Proteomic analysis of genetically stratified grade-I meningioma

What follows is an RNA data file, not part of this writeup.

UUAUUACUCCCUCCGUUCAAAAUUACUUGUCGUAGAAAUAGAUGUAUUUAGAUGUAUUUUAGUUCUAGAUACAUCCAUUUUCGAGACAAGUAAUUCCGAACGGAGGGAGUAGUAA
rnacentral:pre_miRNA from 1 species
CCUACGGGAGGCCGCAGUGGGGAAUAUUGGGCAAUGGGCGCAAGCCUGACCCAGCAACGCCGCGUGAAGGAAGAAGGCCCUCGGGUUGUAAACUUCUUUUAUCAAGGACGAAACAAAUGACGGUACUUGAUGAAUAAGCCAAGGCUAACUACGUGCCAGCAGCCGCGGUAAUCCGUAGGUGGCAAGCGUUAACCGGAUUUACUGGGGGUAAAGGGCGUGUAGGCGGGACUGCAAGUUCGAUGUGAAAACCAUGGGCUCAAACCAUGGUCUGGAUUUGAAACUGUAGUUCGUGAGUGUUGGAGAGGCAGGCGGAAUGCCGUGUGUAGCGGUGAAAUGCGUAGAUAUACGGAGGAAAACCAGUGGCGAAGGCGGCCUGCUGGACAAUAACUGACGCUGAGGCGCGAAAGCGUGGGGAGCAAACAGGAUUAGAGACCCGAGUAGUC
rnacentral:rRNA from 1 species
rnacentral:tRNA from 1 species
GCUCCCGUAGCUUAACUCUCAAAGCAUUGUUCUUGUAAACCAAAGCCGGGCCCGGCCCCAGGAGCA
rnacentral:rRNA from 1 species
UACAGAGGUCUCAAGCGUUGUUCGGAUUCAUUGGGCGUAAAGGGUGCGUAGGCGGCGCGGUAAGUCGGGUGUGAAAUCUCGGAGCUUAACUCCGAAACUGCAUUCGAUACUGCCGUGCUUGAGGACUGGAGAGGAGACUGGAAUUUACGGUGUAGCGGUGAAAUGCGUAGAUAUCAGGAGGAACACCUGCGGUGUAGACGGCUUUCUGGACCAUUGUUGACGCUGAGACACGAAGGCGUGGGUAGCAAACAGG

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Introduction: Meningioma is the most common primary intracranial tumour. Although often benign in nature, at least 20% have high rates of recurrence. Surgical resection and radiotherapy are the main therapeutic approach, yet tumour location can hamper complete resection and chemotherapies are ineffective. Therefore, more accurate prognostic biomarkers are needed to improve the clinical management of meningioma. The mutational profile of mutant meningioma is well defined, including in addition to most common NF2 loss, mutations of TRAF7, KLF4, and AKT1. The aim of this study is to identify novel biomarkers and therapeutic targets of genetically stratified meningioma by characterising the proteomic landscape. Materials and methods: Frozen meningioma tissue samples were stratified according to mutational background: AKT1E17K/TRAF7, KLF4K409Q/TRAF7 and NF2-/-. For global proteomics, proteins were fractionated by SDS-PAGE followed by in-gel tryptic digestion and sample preparation for LCMS analysis. Raw mass spectrometry data files were analysed using MaxQuant (188.8.131.52) and Perseus software (184.108.40.206). Quantitative phosphoproteomics was performed using TMT 10plex labelling approach followed by kinase prediction using KinswingR. GO enrichment analyses were performed using DAVID against all human proteins. Proteomics data were also further analysed for pathway analysis by the Ingenuity® Pathway Analysis (IPA®) software. Followed by mutational subtype specific potential protein and kinase candidates were validated via Western blot and immunohistochemistry techniques. Results: In total, 4162 proteins were quantified across all meningioma mutational subtypes and normal meninges (n=31). Hierarchical clustering analysis showed distinct proteomic profiles of meningioma mutational subtypes and corresponding clusters of differentially expressed proteins. Comparative analysis showed only 10 proteins were commonly significantly upregulated (log2 fold-change≥1; p<0.05) among all mutational subtypes vs. normal meninges which indicates mutational subtypes are very different from each other at their protein expression level. Mutational subtypes specific analysis identified 156 proteins to be commonly significantly upregulated (log2 fold-change≥1; p<0.05) in AKT1E17K/TRAF7, 14 proteins in KLF4K409Q/TRAF7, and 7 proteins in NF2-/- mutant meningioma subtypes compared to normal meninges. IPA and gene ontology analysis showed that AKT1E17K/TRAF7mutant subtype-specific upregulated proteins were highly enriched in oxidative phosphorylation and metabolic pathways, while KLF4K409Q/TRAF7 mutated meningioma-specific upregulated proteins were associated with extracellular matrix disassembly and focal adhesion GO terms. AKT1E17K/TRAF7 mutated meningioma-specific top candidate protein expressions including CLIC3, CRABP2, GMDS, and Pyruvate carboxylase were validated via WB and Simple wes and an increased expression of KLF4K409Q/TRAF7 specific protein Endoglin confirmed via both WB and IHC. NF2-/- mutated meningioma-specific one protein, Annexin-3 showed significant expression compared to other meningioma subtypes and NMT, and knocking down of this protein showed reduced Benmen-1 cell proliferation. Lastly, analysis of 6600 phosphosites (n=8) predicted regulatory kinases including PRKCA and EGFR, and the presence of an active form of PRKCA in benign meningioma was confirmed via both WB and IHC. Conclusion: A proteomic approach is an effective tool to identify distinct protein expression in genetically distinct meningioma subgroups and has led to the identification of differentially expressed proteins and activated pathways in mutant subtypes. Further validation and functional verification of potential candidates will allow us to identify potential drug targets/biomarkers for benign meningiomas.
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